Do you Shop AHAlife?
Are you bored with shopping because you can’t find anything creative and interesting to buy? AHAlife.com claims to be a place where you can find objects that will inspire you and bring some pleasing aha moments to your humdrum shopping life. Is this claim true? Should you Shop AHAlife?
At AHAlife.com you will find a wide assortment of items including jewelry from independent designers such as Anastazio Kotsopoulous as shown above, or designers like Fabrizio Cantamessa who designs for the high-end Italian jewelry company Cantamessa, items such as shown below.
Looks like you might need to be wealthy to shop AHAlife for certain objects.
I’ve never purchased anything from the ahalife.com website. But while browsing, I did see a few things in their jewelry and accessories collection that I would classify as creative and interesting. However, I did not really find anything in my price range that I liked well enough to buy. Everything that I found interesting enough that I would give thought to purchasing was priced well beyond my means. Such as these cute Judith Leiber clutches, which if they were priced as inexpensive little trinkets, I would definitely buy, not to actually use them as clutches, but just to decorate the vanity table in my bedroom.
Note: I should also make clear that I am an affiliate of ahalife.com, so I am writing this feature in the capacity of an affiliate for the purpose of promoting ahalife.com. But I assure you that I will not tell you anything about ahalife.com that is information I have been asked to publish under the guise of my own opinion. My article is entirely about my experience and observations after virtually traversing the ahalife.com website, and researching the company.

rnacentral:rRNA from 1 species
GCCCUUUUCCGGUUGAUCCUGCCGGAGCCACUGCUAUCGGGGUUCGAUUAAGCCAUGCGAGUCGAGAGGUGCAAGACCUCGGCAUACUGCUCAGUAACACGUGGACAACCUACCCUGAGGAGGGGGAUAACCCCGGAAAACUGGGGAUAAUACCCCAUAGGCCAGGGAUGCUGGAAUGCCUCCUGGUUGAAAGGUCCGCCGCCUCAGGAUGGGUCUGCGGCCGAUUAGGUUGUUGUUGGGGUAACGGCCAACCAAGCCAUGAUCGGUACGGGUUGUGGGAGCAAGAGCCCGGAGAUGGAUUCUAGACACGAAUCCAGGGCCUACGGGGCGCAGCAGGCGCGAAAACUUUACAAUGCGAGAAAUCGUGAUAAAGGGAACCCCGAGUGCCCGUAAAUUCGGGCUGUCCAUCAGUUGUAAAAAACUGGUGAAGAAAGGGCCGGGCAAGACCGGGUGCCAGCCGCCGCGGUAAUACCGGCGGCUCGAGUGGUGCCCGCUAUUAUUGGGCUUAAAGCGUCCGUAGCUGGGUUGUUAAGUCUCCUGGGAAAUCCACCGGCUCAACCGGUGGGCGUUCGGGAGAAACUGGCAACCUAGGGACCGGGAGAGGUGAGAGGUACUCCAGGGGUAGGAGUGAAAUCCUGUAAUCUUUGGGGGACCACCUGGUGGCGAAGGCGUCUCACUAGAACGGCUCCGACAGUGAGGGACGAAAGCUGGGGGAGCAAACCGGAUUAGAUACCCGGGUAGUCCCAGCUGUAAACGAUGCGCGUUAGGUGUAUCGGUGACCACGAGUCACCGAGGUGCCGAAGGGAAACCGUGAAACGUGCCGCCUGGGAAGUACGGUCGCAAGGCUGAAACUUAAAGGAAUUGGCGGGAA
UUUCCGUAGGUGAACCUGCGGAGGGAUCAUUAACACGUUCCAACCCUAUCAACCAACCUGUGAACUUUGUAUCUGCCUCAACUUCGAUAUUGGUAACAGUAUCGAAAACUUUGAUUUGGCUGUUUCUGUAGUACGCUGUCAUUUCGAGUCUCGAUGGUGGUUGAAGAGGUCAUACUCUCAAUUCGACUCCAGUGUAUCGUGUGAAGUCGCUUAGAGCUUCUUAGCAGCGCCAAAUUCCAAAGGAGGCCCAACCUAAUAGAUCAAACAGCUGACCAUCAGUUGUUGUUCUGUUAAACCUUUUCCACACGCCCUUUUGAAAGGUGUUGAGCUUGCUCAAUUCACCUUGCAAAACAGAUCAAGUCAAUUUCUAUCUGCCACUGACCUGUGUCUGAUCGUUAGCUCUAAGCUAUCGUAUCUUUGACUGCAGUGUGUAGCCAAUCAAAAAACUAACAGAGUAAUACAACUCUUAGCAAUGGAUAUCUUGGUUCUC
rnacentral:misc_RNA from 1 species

While AHAlife sells jewelry, bags, some types of apparel, accessories and beauty products, they appear to primarily sell products to enhance your house and home. But I have to admit, I went several pages deep browsing through their home decor section and I did not find anything that jumped out at me and made me go “aha, I found what I didn’t even know I was looking for!”. I did have high expectations because of what appears in the manifesto on their about page. I was certain that I was about to have a fulfilling and scintillating experience finding new and interesting creative home decor objects from designers and artisans around the world. But nope, that did not happen for me, and I was sincerely looking because I need to decorate the home I just moved into a few months back to give it some character. There was not a single thing that I saw that I felt like I needed to have. But I only went about 15 pages deep of 89 pages.
Is AHAlife.com a good place to shop?
A search for reviews from people who have actually shopped AHAlife brought nothing of particular interest. There’s no one out there raving about the company and their website; but it also does not appear that there are many people out there complaining. It does raise questions as to how well the company is doing. Their prices do appear a bit high for things that don’t really look that impressive in their primary departments. For example, I came across some wall art priced in the $1500 range that look like someone simply applied an extreme Gaussian blur filter in Photoshop on some pictures and is trying to convince people that the effect evokes some kind of emotive experience. I would not personally pay a dime to obtain these blurred photos when, if I desired photos of blurred flowers on my wall I could take my own photos and blur them on the PC, print them out and put them on my wall, achieving the same poor result as what I saw in the photo that was showcasing the art prints on a wall.